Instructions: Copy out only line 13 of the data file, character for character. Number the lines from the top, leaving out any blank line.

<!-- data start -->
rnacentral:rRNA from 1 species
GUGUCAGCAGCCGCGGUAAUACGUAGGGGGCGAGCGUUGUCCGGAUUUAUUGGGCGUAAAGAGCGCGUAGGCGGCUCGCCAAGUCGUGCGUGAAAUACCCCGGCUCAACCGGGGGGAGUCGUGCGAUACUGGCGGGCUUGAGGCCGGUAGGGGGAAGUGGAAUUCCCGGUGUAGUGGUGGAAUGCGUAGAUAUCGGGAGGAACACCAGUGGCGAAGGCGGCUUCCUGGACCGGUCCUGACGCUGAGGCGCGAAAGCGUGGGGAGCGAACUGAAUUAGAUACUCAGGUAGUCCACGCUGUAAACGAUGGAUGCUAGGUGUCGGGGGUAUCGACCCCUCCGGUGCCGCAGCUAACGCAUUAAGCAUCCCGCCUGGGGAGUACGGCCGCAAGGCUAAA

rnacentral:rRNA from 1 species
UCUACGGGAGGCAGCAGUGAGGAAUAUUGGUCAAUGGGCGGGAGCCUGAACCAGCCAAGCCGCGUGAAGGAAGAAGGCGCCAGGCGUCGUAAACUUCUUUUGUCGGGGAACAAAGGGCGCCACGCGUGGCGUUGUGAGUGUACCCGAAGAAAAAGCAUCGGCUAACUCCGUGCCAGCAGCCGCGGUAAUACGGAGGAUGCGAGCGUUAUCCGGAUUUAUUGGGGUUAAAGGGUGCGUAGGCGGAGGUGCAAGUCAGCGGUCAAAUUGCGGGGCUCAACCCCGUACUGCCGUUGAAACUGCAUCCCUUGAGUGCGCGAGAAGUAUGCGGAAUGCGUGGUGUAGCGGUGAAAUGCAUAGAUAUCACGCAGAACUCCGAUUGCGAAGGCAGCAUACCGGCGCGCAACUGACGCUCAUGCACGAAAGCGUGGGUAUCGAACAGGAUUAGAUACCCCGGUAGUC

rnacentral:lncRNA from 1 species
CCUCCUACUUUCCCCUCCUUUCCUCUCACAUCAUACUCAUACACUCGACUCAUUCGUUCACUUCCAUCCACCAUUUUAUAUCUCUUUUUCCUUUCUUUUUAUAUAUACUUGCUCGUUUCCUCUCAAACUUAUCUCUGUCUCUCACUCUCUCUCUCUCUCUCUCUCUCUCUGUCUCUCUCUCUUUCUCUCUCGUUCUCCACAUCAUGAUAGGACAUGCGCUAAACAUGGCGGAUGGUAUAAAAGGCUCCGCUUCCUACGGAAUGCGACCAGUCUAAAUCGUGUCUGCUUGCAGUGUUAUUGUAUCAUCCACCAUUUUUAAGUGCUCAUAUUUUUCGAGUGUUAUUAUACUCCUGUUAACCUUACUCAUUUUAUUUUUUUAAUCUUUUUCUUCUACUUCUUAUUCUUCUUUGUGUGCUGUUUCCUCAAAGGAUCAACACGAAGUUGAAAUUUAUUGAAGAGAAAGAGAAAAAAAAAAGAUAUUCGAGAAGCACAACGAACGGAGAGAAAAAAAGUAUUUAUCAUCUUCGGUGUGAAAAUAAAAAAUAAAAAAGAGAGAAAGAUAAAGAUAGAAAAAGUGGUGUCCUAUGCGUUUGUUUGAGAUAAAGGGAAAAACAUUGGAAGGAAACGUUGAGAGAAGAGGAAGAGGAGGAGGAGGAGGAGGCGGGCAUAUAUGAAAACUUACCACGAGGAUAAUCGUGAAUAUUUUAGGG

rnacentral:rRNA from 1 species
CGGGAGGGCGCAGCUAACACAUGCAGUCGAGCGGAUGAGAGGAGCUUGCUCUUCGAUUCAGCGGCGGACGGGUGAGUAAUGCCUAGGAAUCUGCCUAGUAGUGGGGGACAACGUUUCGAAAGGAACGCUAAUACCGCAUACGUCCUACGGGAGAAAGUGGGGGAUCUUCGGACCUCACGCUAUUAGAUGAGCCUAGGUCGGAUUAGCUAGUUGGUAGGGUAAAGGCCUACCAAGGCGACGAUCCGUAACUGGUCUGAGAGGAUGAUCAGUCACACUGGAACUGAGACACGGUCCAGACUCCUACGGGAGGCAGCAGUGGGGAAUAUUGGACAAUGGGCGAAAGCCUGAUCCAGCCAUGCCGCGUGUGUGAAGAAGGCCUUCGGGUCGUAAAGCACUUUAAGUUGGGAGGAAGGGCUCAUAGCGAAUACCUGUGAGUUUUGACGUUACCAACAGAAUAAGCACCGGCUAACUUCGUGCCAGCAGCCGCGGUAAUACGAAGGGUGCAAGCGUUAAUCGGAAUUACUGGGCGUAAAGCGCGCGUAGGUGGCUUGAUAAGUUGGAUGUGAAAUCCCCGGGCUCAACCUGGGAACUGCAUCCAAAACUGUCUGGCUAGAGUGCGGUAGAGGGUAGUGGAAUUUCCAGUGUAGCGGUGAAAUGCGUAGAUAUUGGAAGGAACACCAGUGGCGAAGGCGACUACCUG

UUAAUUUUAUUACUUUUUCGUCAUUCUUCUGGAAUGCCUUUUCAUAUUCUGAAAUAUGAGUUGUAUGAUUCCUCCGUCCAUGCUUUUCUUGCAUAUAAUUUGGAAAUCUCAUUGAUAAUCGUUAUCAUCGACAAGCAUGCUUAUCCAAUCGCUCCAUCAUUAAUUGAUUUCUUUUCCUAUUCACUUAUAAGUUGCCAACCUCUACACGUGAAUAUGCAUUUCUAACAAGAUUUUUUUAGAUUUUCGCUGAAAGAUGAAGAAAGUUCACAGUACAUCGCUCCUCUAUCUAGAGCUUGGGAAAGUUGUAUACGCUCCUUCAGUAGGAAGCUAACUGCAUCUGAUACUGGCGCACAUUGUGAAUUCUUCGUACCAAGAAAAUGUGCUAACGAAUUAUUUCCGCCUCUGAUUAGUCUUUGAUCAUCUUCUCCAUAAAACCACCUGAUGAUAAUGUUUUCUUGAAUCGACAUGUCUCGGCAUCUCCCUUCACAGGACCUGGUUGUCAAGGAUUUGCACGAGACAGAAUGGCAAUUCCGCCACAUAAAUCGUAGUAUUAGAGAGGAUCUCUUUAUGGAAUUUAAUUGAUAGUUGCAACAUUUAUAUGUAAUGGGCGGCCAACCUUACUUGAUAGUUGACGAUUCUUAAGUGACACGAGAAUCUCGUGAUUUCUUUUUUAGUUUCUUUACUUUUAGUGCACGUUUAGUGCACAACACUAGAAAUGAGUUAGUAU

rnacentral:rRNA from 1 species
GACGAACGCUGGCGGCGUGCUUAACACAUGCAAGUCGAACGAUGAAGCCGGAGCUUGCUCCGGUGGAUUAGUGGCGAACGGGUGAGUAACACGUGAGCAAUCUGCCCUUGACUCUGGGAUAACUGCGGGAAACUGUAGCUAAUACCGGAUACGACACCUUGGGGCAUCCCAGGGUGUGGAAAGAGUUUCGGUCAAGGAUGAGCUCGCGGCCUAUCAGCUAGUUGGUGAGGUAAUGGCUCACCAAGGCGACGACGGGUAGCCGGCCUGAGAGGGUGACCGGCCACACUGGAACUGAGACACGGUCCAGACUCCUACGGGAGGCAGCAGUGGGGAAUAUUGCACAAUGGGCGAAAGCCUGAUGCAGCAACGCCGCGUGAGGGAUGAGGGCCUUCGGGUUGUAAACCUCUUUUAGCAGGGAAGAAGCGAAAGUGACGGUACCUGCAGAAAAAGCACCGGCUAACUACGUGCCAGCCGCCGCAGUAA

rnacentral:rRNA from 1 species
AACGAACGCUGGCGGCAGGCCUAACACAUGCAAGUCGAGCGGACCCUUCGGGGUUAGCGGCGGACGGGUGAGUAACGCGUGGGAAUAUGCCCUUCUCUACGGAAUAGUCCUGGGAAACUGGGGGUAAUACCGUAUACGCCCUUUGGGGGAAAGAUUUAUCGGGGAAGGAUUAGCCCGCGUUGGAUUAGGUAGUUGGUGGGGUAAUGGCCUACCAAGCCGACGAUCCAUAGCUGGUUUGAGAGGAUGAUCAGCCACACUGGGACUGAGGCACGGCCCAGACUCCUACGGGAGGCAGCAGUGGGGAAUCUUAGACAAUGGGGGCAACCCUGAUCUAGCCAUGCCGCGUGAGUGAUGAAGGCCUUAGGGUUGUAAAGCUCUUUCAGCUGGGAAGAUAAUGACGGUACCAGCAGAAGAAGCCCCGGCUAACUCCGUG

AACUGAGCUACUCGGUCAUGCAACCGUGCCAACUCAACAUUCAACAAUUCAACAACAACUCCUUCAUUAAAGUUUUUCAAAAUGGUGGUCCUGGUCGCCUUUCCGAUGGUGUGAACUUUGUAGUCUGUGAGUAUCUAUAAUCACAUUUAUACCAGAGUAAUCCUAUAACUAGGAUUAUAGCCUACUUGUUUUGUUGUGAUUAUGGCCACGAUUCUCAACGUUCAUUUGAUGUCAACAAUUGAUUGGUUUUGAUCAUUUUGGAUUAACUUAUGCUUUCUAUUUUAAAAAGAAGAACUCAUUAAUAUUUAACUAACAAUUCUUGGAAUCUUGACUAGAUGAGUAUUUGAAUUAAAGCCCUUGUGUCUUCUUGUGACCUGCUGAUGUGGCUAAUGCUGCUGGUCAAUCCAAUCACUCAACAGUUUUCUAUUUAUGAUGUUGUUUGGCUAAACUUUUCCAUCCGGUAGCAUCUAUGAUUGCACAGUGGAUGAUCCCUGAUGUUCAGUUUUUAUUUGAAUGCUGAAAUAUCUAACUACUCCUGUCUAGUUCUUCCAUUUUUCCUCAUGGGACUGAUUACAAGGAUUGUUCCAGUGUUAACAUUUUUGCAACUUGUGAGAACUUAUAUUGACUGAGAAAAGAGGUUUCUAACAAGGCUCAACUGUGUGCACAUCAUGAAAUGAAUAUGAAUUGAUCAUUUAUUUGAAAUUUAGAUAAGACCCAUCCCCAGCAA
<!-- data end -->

AACGAACGCUGGCGGCAGGCCUAACACAUGCAAGUCGAGCGGACCCUUCGGGGUUAGCGGCGGACGGGUGAGUAACGCGUGGGAAUAUGCCCUUCUCUACGGAAUAGUCCUGGGAAACUGGGGGUAAUACCGUAUACGCCCUUUGGGGGAAAGAUUUAUCGGGGAAGGAUUAGCCCGCGUUGGAUUAGGUAGUUGGUGGGGUAAUGGCCUACCAAGCCGACGAUCCAUAGCUGGUUUGAGAGGAUGAUCAGCCACACUGGGACUGAGGCACGGCCCAGACUCCUACGGGAGGCAGCAGUGGGGAAUCUUAGACAAUGGGGGCAACCCUGAUCUAGCCAUGCCGCGUGAGUGAUGAAGGCCUUAGGGUUGUAAAGCUCUUUCAGCUGGGAAGAUAAUGACGGUACCAGCAGAAGAAGCCCCGGCUAACUCCGUG